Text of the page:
NOTE: I’ve been discussing this issue with Marty King of LifeWay over the last couple of days. His response on behalf of LifeWay is attached below. While we are not seeing this the same way, I am appreciative of LifeWay’s responsiveness and willingness to talk these things through.
World Changers has been coming to Sioux City, Iowa as long as I have lived here (7 years) and for some time before that. When you minister outside of the established SBC states, in what are now called “new work” states, you come to appreciate ministries like World Changers. Southern Baptists struggle for credibility here, battling impressions and prejudices people have formed. One of the most significant things that has happened in Iowa Baptist work is the Disaster Relief response during our 1993 mega-flood and during subsequent disasters. When Baptists show up doing practical ministries like these, there is a credibility established that helps us all.
World Changers has done that in Sioux City. The powers-that-be in the city (and South Sioux City, NE) know what World Changers is and love it. Southern Baptists have established a presence here and developed credibility in the community. Every year there would be a feature in the paper and news reports on our local stations about the work being done. In the neighborhoods in which the teams work, people are amazed and thankful that young people would come from all over the country to Sioux City to work on their homes. We have sent out evangelism teams and shared the gospel in neighborhoods where work was being done.
A couple of days ago, we got word that World Changers was no longer going to serve Sioux City.
We are not happy with this decision and I understand that there are others in places that World Changers used to serve and no longer will that are as befuddled, bewildered and saddened by this decision as we are.
The Crux of the Issue
Obviously, LifeWay cannot serve everyone. There cannot, at this point, be a World Changers in ever town in America. And they have the right to set their priorities and go where they wish to go; where they feel they will get the best return on their missions investment. But I have asked LifeWay privately, and now will ask again publicly, to reconsider what they are doing. Here is the heart of the issue:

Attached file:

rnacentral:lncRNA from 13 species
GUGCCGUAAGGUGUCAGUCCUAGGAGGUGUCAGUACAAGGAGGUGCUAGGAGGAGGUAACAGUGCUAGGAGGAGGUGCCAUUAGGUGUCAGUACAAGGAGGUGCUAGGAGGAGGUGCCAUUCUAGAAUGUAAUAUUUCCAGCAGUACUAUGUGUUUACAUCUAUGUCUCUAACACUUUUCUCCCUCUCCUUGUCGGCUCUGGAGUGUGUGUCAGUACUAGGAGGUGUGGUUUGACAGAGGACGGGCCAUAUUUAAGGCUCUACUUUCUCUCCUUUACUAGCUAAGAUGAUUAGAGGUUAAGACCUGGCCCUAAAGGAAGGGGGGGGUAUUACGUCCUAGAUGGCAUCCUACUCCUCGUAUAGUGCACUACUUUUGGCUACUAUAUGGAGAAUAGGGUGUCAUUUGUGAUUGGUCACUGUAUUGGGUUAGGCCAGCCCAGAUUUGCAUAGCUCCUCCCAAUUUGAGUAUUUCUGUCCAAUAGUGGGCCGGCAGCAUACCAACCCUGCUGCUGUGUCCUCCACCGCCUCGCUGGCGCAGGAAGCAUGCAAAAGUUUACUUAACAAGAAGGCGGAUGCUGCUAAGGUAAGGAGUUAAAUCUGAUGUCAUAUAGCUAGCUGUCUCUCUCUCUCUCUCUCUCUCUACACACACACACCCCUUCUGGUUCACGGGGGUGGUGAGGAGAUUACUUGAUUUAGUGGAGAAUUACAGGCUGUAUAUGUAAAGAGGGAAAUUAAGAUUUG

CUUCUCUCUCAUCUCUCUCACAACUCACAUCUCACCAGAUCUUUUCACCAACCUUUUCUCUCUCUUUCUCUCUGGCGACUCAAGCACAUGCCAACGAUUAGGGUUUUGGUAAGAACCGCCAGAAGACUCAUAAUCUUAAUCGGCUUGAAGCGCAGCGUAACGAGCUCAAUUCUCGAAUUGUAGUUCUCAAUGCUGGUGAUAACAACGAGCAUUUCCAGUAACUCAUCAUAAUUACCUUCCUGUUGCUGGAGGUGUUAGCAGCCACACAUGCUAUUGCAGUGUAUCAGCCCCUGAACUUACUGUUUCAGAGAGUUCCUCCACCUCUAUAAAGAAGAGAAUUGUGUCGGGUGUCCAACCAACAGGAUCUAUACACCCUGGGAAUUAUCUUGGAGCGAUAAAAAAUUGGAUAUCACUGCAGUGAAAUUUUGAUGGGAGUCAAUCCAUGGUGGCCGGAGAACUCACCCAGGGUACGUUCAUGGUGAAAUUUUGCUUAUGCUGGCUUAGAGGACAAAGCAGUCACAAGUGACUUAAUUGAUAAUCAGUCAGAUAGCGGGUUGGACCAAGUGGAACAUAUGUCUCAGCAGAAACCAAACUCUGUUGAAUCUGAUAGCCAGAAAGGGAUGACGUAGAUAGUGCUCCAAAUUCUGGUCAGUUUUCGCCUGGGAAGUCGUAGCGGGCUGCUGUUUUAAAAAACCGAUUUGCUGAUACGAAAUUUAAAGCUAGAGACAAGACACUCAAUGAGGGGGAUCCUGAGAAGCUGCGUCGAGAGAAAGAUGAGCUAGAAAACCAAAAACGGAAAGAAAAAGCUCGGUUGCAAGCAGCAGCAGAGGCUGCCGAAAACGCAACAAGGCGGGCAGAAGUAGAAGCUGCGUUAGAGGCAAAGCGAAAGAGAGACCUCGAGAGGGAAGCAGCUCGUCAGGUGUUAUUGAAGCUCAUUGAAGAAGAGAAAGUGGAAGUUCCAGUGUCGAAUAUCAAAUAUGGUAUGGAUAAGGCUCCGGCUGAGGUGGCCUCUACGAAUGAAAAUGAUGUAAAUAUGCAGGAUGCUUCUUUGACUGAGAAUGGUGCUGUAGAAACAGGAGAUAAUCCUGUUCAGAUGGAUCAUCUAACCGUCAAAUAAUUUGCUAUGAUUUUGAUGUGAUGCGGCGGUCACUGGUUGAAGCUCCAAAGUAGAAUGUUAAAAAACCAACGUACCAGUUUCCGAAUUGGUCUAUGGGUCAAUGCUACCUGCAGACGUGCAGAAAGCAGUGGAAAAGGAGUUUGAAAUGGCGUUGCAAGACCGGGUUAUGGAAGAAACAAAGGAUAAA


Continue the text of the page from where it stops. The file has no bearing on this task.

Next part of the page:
World Changers, according to my research, is leaving behind ministries in new work states and focusing more on old-line states where SBC work is already established. When I voted for (and promoted) the GCR, we were told that one of the reasons for this was to focus on the “new work” states and emphasize them more in ministry. The opposite seems to be happening. It seems to us that the trend at World Changers is to lessen involvement in New Work states and focus on the established states.
Just the Facts, Dave
I did a little bit of numbers crunching at the World Changers website.
- In 2012, there were 88 World Changers sites listed on the website. Of those 88, 25 took place in new work states, in Canada, or in Puerto Rico. That is 28.4% of the sites outside the established SBC states.
- In 2013 (after the changes) there will be 84 sites according to the site. Of those, only 16 are in new work states or Puerto Rico. That is 19%.
Note: LifeWay argues that West Virginia is a new work state and should not be considered as part of the established SBC or old line states. I am continuing to consider them as a Southern state in both years’ statistics – they are, after all, south of the Mason-Dixon line. LifeWay has also presented me with different figures on the 2013 sites. However, I rechecked and at this writing (2:50 CDT on 9/6/2012), the website agrees with my numbers, not theirs. Obviously, they could change the website at any time.
That seems to me to be a significant drop. From 25 sites to 16. From 28.4% to 19%. But even more interesting is a look at what sites were eliminated and what sites were added.
- World Changers eliminated ministries in Hawaii, Iowa, New Mexico, Wyoming, New York (2 sites in 2012) Michigan, Vermont and Canada (2 sites). Anyone see a trend there?
- In addition, there were reductions in ministries in California (3 sites to 2), Illinois, (3 sites to 1) and Alaska (2 sites to 1).
- There will be no World Changers ministry this coming year in the Northeast, in the Upper Midwest, in the Plains states, in the Mountain states or in the Southwest (not including Texas).
Where did program increases occur?
- Alabama went from 9 projects to 12 projects.
- Arkansas increased from 4 to 5.
- Georgia increased from 6 to 8.
- Louisiana increased from 2 to 5.
- Tennessee increased from 4 to 7.
- Missouri increased from 3 to 5.
- Oklahoma increased from 1 to 2.
- Mississippi increased from 2 to 4.
- West Virginia increased from 2 to 4.
For the record, I do not regret a single one of those increases. If World Changers has the same effect in those cities that it has in Sioux City, I hope that they continue to add cities in the South. My regret is that they are adding cities in the South while they are eliminating ministry in cities in the North, Midwest, and West.
Are the needs in Birmingham, Alabama greater than the needs in Sioux City, IA? There are 8 projects in Birmingham next year. Good for Birmingham. But could they have gotten by with six or seven, and the programs in Iowa, Wyoming or New York might not have been eliminated? There are going to be 8 projects in Georgia. Couldn’t there maybe have been a couple less and World Changers could still minister in Vermont or Michigan?
Every one of those project is important in Mississippi and Tennessee and North Carolina. But I want you to know how much good those programs do in Iowa, in Wyoming, in Michigan, in New York – in the places where Southern Baptists are seen as outsiders invading foreign soil.
Why Are They Doing This?